Halloween Decorations, Candy Off Limits for Riverside County Sex Offenders

Halloween decorations and candy are off limits, and the measure also makes it illegal for sex offenders to answer the door for trick-or-treaters

By Jonathan Lloyd and Stephanie Stanton
|  Tuesday, Oct 18, 2011  |  Updated 6:15 PM PDT
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A proposal in Riverside County would place Halloween restrictions on registered sex offenders.

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Halloween Decorations, Candy Off Limits for Riverside County Sex Offenders

Halloween decorations and candy are off limits, and the measure also makes it illegal for sex offenders to answer the door for trick-or-treaters
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Sex offenders are prohibited from handing out candy or displaying Halloween decorations during trick-or-treating hours under a plan approved Tuesday by Riverside County officials.

Megan's Law Database | Halloween Restrictions Proposal

"If you're a sexual predator, Riverside County is not going to be friendly toward you," according to Jeff Stone, Riverside County Supervisor. "It's a very hostile county when it comes to sexual predators."

The proposal, a revision to the county's anti-loitering law that would place additional restrictions on registered sex offenders in unincorporated communities, was approved by a 5-0 vote at the county board's Tuesday meeting.

Registered sex offenders will not be allowed to display Halloween decorations on Oct. 31, and exterior or ornamental lights would need to be turned off between 5 p.m. and 11:59 p.m. on Halloween. The measure, which went into effect immediately, also makes it illegal for a convicted sex offender to answer the door when trick-or-treaters visit.

"If these people can't decorate their houses, if they can't turn on their lights, then the children aren't going to stop," said resident Cynthia Ferry. "It's just an effort on their part to help us help our children."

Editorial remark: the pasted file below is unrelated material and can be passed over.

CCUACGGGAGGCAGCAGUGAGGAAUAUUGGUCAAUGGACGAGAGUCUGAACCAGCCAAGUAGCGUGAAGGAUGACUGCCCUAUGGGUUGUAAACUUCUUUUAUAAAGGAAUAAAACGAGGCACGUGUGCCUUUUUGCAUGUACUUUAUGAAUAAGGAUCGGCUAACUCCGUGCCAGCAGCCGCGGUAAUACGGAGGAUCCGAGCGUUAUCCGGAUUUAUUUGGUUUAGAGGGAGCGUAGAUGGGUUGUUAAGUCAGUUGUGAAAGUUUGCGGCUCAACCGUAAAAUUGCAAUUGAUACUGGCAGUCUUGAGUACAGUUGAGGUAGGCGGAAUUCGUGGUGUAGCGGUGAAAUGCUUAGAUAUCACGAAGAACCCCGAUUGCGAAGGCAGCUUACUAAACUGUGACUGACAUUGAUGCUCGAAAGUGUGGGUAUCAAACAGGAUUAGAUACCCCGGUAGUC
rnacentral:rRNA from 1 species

The board directed county officials to notify registrants of the measure.

"I hope that in our haste to get this on the books that it's enforceable,'' board chairman Bob Buster said.

The proposal is part of a larger anti-loitering ordinance approved last year. The ordinance makes it a misdemeanor for a sex offender to to  be within 300 feet of a day care center, library, park, playground, public swimming pool, school or anywhere else that  provides "classes or group activities for children."

Sex offender registrants also cannot reside within 2,000 feet of a school, park or other facility  catering to kids, according to the ordinance.

Violators face fines of $1,000 or more and six months in jail.

California law requires anyone convicted of a felony sex offense to  register with a local law enforcement agency when moving into an area. The law also requires that registrants alert authorities whenever they change  residence, and that they annually renew their registration.

About 3,500 registered sex offenders reside in Riverside County, according to the Megan's Law sex offender database. Many of  them live in municipalities not under county jurisdiction.

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